This isn’t new. Computer and internet crime has been around for quite a while. However, the extent of it and its potential risks are increasing incrementally. That’s partly due to the growth in IT, as well as our increasing dependence on it, and partly through the growing sophistication of those involved in perpetrating it. IBM estimate that ransomware attacks increased by 6,000 per cent in 2016. That may very well be the tip of the iceberg. They come in a variety of forms, not just the massive cyber-attack of WannaCry.
As the Scottish Health Secretary detailed in her statement to Parliament, the NHS has been experiencing these attacks on almost a daily basis for many years. Banks have had similar issues, though tend to be more secretive about what has happened to them. Scams, especially those targeting the vulnerable, have been ongoing for years. They have varied from the spam email requesting funds, to more complicated frauds that delude the unsuspecting and especially those seeking a fast buck. As the Law Society and other organisations will tell their members and others – if it’s too good to be true, it’s too good to be true. It’ll be a fraud. But still the desperate are duped.
Sophisticated frauds are also perpetrated as have been exposed recently with accounts hacked and even fictitious mail and bank details sent. By the time the truth is realised, the money is long gone through numerous servers and doubtless countries. Tracking it is well-nigh impossible and recovering it even less likely.
As governments and security services have shifted their focus, so have the police. Officers are dedicated to the task, with IT experts recruited to assist. Europol has a Cyber Centre and Police Scotland are represented. Gartcosh Crime Campus has our own officers and the National Crime Agency present.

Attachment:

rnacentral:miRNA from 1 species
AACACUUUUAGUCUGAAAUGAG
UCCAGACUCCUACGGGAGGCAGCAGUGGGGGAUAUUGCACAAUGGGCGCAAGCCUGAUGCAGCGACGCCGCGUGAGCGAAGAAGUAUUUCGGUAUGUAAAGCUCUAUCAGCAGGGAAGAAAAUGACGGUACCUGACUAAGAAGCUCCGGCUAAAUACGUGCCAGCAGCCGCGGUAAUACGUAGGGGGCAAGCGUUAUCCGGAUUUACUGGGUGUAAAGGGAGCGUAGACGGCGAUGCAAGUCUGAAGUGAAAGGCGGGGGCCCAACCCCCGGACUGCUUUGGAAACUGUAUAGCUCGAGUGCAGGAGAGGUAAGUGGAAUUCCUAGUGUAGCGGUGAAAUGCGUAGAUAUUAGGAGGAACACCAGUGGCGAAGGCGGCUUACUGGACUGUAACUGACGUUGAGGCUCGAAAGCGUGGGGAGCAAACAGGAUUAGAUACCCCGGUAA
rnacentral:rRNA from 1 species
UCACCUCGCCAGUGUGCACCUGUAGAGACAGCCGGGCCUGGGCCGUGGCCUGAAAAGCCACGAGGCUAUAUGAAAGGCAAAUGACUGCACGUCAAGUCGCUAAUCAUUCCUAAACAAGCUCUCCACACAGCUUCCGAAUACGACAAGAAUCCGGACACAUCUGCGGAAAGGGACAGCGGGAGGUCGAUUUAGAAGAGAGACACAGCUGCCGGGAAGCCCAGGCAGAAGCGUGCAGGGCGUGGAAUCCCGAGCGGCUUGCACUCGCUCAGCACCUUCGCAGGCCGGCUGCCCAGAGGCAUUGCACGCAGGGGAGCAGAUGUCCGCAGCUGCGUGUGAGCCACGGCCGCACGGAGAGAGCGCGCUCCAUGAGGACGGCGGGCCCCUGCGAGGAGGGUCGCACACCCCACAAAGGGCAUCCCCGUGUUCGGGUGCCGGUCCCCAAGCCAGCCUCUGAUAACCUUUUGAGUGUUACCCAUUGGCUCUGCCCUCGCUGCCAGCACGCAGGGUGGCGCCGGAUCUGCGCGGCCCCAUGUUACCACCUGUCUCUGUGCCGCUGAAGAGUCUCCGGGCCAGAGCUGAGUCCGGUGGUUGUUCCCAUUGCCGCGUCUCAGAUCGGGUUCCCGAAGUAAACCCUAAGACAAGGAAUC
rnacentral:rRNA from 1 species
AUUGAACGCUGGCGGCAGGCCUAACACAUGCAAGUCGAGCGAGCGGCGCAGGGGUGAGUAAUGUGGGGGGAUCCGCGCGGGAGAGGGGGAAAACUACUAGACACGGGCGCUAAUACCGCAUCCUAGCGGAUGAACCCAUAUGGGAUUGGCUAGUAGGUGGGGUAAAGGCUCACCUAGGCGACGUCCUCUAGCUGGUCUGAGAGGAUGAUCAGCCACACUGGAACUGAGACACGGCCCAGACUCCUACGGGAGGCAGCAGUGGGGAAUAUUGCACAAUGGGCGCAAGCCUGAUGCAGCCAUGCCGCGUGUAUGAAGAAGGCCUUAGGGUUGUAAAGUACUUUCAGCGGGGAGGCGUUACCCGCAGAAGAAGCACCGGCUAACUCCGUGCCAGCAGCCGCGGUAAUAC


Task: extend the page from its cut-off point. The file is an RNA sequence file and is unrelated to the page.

But, still it comes in both serious and less severe attacks, and from major incidents to minor frauds. Recorded crime has reduced significantly in Scotland over many years. Great progress has been made in many areas whether homicide or serious violence. However, it’s also equally clear that crime has changed and much cybercrime may be unreported. Bank robberies and wage heists have lessened to be replaced by more sophisticated IT crimes. The perpetrators are serious and organised crime gangs. However, the internet and globalisation has allowed some of their scams to be conducted from Ukraine, Nigeria or the Philippines, though some will also be our own ne’er do wells.
The police and prosecutors, as with government and security, will seek to protect, pursue and prosecute. However, with other pressures never mind finite resources, there’s a limit to what they can do. Moreover, once some of these frauds are carried out there’s sometimes little that can be done but sympathise and learn. Priority will go into infrastructure and protecting the vulnerable. Beyond that it’s up to all of us with a computer or IT system to help ourselves. Malware and anti-virus software aren’t a luxury but a necessity. In more complicated business systems, so is specialist advice. Organisations like Scottish Business Resilience Centre can advise, and experts abound.
We survived WannaCry but may still shed tears unless we do what’s required in business and at home. I’m off to back up my system.